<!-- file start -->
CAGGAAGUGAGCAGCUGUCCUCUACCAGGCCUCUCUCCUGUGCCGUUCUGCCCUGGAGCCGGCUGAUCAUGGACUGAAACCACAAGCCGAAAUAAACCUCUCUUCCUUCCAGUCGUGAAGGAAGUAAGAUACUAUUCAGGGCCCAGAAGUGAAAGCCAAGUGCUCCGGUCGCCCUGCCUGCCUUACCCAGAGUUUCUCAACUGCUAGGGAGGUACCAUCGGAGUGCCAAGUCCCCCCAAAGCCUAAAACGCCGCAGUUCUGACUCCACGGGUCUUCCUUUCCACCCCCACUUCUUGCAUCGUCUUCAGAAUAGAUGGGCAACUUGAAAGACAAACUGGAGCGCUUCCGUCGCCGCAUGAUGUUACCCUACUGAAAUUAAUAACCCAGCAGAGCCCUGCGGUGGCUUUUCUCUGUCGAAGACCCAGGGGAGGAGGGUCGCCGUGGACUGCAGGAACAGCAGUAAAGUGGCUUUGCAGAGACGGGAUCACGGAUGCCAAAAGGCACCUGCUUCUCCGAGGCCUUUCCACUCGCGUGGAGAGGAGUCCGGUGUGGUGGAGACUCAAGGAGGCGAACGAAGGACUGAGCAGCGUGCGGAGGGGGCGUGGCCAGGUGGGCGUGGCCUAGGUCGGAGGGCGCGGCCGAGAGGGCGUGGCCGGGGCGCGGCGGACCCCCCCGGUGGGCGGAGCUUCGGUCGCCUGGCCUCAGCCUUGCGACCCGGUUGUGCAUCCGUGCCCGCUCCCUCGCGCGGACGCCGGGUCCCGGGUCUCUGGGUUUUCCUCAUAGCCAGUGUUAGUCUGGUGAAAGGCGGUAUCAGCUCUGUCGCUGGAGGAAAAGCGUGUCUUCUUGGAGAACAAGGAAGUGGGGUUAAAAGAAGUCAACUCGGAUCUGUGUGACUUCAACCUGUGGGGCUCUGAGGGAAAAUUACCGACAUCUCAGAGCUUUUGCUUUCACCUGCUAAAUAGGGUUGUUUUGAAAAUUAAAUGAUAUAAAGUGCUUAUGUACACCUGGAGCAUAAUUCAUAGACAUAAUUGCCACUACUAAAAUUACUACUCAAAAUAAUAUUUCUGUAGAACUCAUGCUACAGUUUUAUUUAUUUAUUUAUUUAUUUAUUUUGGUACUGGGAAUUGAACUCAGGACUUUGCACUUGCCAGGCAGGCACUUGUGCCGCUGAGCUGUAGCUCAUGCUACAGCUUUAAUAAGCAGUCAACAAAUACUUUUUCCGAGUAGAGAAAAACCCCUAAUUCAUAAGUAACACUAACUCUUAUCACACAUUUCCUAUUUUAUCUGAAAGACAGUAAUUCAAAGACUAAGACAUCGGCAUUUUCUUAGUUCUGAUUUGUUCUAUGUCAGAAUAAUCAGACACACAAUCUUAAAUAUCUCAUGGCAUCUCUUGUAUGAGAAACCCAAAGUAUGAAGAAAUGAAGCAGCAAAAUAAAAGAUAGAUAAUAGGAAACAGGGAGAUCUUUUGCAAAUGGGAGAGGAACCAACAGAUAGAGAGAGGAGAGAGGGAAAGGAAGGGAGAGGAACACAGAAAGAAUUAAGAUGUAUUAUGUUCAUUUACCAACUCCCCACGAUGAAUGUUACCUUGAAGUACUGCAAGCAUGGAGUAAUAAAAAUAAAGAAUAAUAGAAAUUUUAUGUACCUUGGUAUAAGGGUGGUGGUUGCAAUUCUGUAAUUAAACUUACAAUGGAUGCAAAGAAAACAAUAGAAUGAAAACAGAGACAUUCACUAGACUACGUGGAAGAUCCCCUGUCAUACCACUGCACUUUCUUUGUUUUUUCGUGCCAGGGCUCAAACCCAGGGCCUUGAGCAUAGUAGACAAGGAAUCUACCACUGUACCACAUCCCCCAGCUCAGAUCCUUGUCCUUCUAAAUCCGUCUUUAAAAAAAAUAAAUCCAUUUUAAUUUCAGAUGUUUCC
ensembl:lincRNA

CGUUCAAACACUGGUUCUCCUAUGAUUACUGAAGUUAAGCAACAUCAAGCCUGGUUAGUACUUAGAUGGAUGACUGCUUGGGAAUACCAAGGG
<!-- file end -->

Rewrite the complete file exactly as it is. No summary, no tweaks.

CAGGAAGUGAGCAGCUGUCCUCUACCAGGCCUCUCUCCUGUGCCGUUCUGCCCUGGAGCCGGCUGAUCAUGGACUGAAACCACAAGCCGAAAUAAACCUCUCUUCCUUCCAGUCGUGAAGGAAGUAAGAUACUAUUCAGGGCCCAGAAGUGAAAGCCAAGUGCUCCGGUCGCCCUGCCUGCCUUACCCAGAGUUUCUCAACUGCUAGGGAGGUACCAUCGGAGUGCCAAGUCCCCCCAAAGCCUAAAACGCCGCAGUUCUGACUCCACGGGUCUUCCUUUCCACCCCCACUUCUUGCAUCGUCUUCAGAAUAGAUGGGCAACUUGAAAGACAAACUGGAGCGCUUCCGUCGCCGCAUGAUGUUACCCUACUGAAAUUAAUAACCCAGCAGAGCCCUGCGGUGGCUUUUCUCUGUCGAAGACCCAGGGGAGGAGGGUCGCCGUGGACUGCAGGAACAGCAGUAAAGUGGCUUUGCAGAGACGGGAUCACGGAUGCCAAAAGGCACCUGCUUCUCCGAGGCCUUUCCACUCGCGUGGAGAGGAGUCCGGUGUGGUGGAGACUCAAGGAGGCGAACGAAGGACUGAGCAGCGUGCGGAGGGGGCGUGGCCAGGUGGGCGUGGCCUAGGUCGGAGGGCGCGGCCGAGAGGGCGUGGCCGGGGCGCGGCGGACCCCCCCGGUGGGCGGAGCUUCGGUCGCCUGGCCUCAGCCUUGCGACCCGGUUGUGCAUCCGUGCCCGCUCCCUCGCGCGGACGCCGGGUCCCGGGUCUCUGGGUUUUCCUCAUAGCCAGUGUUAGUCUGGUGAAAGGCGGUAUCAGCUCUGUCGCUGGAGGAAAAGCGUGUCUUCUUGGAGAACAAGGAAGUGGGGUUAAAAGAAGUCAACUCGGAUCUGUGUGACUUCAACCUGUGGGGCUCUGAGGGAAAAUUACCGACAUCUCAGAGCUUUUGCUUUCACCUGCUAAAUAGGGUUGUUUUGAAAAUUAAAUGAUAUAAAGUGCUUAUGUACACCUGGAGCAUAAUUCAUAGACAUAAUUGCCACUACUAAAAUUACUACUCAAAAUAAUAUUUCUGUAGAACUCAUGCUACAGUUUUAUUUAUUUAUUUAUUUAUUUAUUUUGGUACUGGGAAUUGAACUCAGGACUUUGCACUUGCCAGGCAGGCACUUGUGCCGCUGAGCUGUAGCUCAUGCUACAGCUUUAAUAAGCAGUCAACAAAUACUUUUUCCGAGUAGAGAAAAACCCCUAAUUCAUAAGUAACACUAACUCUUAUCACACAUUUCCUAUUUUAUCUGAAAGACAGUAAUUCAAAGACUAAGACAUCGGCAUUUUCUUAGUUCUGAUUUGUUCUAUGUCAGAAUAAUCAGACACACAAUCUUAAAUAUCUCAUGGCAUCUCUUGUAUGAGAAACCCAAAGUAUGAAGAAAUGAAGCAGCAAAAUAAAAGAUAGAUAAUAGGAAACAGGGAGAUCUUUUGCAAAUGGGAGAGGAACCAACAGAUAGAGAGAGGAGAGAGGGAAAGGAAGGGAGAGGAACACAGAAAGAAUUAAGAUGUAUUAUGUUCAUUUACCAACUCCCCACGAUGAAUGUUACCUUGAAGUACUGCAAGCAUGGAGUAAUAAAAAUAAAGAAUAAUAGAAAUUUUAUGUACCUUGGUAUAAGGGUGGUGGUUGCAAUUCUGUAAUUAAACUUACAAUGGAUGCAAAGAAAACAAUAGAAUGAAAACAGAGACAUUCACUAGACUACGUGGAAGAUCCCCUGUCAUACCACUGCACUUUCUUUGUUUUUUCGUGCCAGGGCUCAAACCCAGGGCCUUGAGCAUAGUAGACAAGGAAUCUACCACUGUACCACAUCCCCCAGCUCAGAUCCUUGUCCUUCUAAAUCCGUCUUUAAAAAAAAUAAAUCCAUUUUAAUUUCAGAUGUUUCC
ensembl:lincRNA

CGUUCAAACACUGGUUCUCCUAUGAUUACUGAAGUUAAGCAACAUCAAGCCUGGUUAGUACUUAGAUGGAUGACUGCUUGGGAAUACCAAGGG